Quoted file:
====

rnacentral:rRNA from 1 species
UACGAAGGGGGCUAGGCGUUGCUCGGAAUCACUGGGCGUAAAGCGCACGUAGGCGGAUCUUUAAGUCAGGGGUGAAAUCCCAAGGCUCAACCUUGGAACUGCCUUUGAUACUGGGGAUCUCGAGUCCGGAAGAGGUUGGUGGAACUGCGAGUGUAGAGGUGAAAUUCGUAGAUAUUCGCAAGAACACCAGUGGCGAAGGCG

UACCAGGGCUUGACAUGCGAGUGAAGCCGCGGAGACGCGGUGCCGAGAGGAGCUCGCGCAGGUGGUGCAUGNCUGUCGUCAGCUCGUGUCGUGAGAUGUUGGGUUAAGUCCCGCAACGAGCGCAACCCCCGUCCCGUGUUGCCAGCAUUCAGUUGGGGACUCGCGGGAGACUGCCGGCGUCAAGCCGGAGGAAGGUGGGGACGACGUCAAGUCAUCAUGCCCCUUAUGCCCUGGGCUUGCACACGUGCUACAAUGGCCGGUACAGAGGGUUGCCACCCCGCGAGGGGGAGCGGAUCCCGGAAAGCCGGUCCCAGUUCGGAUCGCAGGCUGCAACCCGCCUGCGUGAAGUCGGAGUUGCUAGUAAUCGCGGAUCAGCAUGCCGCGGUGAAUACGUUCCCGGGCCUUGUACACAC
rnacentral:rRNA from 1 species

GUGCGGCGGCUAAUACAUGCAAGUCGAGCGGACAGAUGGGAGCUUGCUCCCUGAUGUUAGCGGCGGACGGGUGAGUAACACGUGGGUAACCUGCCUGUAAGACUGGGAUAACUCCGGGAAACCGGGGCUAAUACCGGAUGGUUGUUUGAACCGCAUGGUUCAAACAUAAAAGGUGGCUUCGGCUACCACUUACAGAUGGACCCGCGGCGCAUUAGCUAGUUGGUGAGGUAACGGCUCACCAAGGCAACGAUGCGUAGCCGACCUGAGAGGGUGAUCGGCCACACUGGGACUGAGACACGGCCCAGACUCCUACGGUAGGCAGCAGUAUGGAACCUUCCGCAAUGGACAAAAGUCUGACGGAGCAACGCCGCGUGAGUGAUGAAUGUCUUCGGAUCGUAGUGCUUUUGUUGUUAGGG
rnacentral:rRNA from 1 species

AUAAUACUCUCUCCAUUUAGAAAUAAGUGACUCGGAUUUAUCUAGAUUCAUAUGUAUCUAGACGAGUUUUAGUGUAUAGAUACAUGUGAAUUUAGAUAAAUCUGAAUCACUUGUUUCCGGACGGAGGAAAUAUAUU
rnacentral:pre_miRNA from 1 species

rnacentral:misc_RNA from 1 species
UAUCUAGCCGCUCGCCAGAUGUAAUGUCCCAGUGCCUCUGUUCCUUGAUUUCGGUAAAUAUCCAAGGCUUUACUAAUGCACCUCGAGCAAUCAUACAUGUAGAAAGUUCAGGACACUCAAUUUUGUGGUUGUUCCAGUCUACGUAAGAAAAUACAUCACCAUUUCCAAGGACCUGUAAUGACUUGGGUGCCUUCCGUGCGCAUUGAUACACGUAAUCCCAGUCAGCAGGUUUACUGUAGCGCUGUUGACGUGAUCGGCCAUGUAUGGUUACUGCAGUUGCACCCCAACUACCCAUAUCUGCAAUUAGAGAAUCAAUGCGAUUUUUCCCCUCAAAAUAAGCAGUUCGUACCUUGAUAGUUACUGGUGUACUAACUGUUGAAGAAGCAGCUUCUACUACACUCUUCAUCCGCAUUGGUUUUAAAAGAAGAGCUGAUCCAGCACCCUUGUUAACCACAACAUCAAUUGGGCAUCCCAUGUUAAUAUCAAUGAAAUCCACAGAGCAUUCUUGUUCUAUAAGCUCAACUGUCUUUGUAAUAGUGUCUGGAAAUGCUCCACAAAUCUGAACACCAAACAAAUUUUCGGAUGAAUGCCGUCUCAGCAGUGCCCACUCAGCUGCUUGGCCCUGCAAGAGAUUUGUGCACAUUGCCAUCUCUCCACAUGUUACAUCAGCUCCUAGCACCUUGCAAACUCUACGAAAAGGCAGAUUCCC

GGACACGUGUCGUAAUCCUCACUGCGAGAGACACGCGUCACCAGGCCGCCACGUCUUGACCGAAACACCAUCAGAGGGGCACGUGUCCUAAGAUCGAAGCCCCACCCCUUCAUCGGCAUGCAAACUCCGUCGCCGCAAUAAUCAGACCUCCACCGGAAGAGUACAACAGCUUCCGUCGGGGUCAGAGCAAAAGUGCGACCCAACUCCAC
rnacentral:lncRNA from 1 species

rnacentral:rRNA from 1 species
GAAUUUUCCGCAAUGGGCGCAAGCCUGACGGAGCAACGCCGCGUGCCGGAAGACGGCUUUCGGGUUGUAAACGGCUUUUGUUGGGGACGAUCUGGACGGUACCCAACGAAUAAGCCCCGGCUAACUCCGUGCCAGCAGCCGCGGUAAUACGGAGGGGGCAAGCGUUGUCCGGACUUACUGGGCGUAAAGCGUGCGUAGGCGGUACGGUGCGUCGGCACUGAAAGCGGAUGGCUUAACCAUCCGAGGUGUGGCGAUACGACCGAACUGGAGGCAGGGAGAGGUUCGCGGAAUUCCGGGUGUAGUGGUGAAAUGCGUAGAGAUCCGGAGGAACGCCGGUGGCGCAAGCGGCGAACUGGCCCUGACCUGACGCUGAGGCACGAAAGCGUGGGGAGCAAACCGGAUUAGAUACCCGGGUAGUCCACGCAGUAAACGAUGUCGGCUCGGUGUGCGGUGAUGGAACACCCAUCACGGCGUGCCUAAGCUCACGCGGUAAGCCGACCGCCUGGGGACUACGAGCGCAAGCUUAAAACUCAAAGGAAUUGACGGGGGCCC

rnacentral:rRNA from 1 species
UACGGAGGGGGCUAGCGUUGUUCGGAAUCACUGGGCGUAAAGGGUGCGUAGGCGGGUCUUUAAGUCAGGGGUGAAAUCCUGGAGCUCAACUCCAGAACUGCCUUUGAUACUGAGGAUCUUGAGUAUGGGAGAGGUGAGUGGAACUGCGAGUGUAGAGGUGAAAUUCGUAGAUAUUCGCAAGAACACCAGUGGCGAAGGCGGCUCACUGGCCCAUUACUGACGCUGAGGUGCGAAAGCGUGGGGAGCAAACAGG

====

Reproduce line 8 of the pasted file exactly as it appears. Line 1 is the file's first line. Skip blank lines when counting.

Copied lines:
rnacentral:pre_miRNA from 1 species